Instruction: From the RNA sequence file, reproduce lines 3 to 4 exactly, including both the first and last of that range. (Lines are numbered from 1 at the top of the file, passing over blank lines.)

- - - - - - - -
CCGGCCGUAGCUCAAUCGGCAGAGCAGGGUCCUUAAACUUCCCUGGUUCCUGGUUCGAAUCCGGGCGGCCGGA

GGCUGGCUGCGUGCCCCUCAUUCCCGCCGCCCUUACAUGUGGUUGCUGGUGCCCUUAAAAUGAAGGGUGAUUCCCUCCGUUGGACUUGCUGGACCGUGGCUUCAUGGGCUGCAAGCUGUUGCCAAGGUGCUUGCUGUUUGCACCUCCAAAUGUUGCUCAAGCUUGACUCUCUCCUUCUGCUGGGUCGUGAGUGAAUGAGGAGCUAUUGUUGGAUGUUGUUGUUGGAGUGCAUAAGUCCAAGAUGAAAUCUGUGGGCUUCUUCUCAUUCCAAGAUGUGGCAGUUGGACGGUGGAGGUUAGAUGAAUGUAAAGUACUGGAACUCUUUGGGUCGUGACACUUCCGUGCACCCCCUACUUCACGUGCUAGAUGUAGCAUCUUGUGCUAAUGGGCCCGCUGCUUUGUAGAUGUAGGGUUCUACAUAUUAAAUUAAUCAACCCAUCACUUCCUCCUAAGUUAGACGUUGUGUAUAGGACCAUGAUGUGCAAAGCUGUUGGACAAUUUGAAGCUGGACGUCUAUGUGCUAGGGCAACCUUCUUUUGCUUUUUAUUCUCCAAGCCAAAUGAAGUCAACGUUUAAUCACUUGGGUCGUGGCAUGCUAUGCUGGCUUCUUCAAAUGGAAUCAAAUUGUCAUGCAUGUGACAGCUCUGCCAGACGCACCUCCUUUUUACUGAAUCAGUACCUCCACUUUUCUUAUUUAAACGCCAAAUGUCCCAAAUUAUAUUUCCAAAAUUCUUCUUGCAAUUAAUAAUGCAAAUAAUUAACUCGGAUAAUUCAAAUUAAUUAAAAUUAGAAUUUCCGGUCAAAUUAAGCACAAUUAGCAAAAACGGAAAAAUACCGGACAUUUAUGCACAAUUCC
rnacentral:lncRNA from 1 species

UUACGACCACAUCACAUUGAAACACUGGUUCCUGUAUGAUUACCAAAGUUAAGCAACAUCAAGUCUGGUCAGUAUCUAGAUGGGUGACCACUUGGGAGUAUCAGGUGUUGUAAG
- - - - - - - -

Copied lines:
rnacentral:lncRNA from 1 species

UUACGACCACAUCACAUUGAAACACUGGUUCCUGUAUGAUUACCAAAGUUAAGCAACAUCAAGUCUGGUCAGUAUCUAGAUGGGUGACCACUUGGGAGUAUCAGGUGUUGUAAG